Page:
‘I do my own links,’ said Barrett Doran. ‘I don’t need any of your bloody crap.’ And he walked out of the office.

The pale youth let the door close behind him and looked at the five who stood there. His face was vulnerable, almost tearful. ‘Hello, Sydnee. If there’s anything I can. . you know, for this lot. .’

She introduced him to the hamburger chef, the surgeon, the stockbroker and the actor. ‘Jeremy Fowler’s our Script Associate on the show. He’s got an endless supply of funny lines for all the contestants and everyone. You know, so if you want to have a few witty ripostes, and you can’t think of any yourself, ask Jeremy.’

The youth smiled weakly. ‘I have got a few lines. I mean, I only got the list of your professions late yesterday, but I have worked out a few things you might say.’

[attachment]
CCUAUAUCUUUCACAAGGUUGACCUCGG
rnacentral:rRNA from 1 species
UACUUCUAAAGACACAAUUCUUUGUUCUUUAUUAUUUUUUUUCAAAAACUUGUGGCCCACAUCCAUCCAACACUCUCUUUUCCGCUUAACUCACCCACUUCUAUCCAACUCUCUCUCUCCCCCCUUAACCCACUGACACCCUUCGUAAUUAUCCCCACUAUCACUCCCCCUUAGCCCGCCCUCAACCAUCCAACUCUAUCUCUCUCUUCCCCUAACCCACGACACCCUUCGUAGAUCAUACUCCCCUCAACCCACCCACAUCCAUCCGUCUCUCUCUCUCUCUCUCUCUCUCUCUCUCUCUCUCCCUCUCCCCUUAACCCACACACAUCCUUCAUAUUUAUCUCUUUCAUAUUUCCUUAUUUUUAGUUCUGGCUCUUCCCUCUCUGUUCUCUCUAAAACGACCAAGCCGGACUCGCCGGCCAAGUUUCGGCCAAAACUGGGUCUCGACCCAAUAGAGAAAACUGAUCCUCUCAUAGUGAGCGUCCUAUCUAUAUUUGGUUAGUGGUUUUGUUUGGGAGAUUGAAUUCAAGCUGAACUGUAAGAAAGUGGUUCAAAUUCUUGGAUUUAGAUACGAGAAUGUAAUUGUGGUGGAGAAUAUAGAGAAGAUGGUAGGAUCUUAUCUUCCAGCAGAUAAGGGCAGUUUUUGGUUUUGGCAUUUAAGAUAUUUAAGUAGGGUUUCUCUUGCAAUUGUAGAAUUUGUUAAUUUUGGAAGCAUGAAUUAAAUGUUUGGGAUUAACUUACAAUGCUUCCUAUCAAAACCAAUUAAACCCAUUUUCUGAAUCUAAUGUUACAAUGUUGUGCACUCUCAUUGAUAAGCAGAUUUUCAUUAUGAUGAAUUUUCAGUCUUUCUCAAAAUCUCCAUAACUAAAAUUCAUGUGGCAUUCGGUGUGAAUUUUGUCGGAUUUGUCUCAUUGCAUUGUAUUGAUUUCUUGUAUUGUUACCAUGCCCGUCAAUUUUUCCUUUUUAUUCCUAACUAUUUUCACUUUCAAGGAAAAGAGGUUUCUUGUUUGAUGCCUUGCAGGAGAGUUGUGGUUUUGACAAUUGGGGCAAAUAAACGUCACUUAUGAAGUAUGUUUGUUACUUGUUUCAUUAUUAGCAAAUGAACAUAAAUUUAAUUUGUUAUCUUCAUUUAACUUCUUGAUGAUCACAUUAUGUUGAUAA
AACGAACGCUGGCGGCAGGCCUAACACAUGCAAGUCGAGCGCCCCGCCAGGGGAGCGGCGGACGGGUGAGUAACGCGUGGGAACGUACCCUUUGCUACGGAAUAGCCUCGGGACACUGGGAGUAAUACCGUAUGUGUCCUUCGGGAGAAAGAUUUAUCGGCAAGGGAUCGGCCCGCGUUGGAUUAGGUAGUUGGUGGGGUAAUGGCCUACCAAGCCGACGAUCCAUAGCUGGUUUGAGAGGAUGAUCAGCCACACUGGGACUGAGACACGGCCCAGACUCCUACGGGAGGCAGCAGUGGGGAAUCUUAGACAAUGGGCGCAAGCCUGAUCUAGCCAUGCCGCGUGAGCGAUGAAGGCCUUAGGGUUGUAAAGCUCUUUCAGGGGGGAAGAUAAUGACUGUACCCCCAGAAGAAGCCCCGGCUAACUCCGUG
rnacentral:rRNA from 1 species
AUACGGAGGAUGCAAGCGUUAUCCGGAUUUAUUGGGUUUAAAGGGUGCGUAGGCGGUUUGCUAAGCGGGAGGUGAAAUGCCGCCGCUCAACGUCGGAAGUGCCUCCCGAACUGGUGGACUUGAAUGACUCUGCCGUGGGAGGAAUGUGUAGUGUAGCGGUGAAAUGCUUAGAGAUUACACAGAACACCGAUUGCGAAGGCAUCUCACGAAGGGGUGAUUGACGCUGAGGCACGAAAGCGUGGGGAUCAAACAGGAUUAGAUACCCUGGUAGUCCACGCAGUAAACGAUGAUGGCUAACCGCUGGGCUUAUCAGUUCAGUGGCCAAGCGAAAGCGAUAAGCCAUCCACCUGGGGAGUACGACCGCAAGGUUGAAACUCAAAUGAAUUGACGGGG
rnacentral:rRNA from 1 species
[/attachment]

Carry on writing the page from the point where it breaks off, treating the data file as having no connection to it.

‘When?’ asked the hamburger chef.


‘When might we want to say them?’

‘Oh. Well, for example, when you’ve got the wrong hat on. I mean, say someone puts the surgeon’s hat on you and you’re asked if you are a surgeon, you could say, ‘I don’t think I’d be cut out for the job.’


‘What do you mean — why?’

‘Well, why should I say that?’

‘It’s a joke.’

‘Is it?’

‘Well, a sort of joke. Not a marvellous one, I agree,’ Jeremy Fowler conceded, ‘but it’s the sort of thing that might get a laugh if you pong it enough.’

Pong it?’


‘I don’t understand it.’

‘Well, it’s a sort of pun. “Cut out for the job”. . surgeon. . cut out. .’

‘Oh,’ said the hamburger chef seriously. ‘Oh, I see. I don’t think I probably will say that, actually.’

‘Ah, well. Never mind. I’ve got a few lines for the rest of you. . you know, if you think you might need them. . They will get an opportunity to say something, won’t they, Sydnee?’

‘A bit, I should think. It really depends how Barrett plays it.’

‘Yes. Well, as I say, I have got a few lines about, you know, being a hamburger chef. . or a stockbroker. . or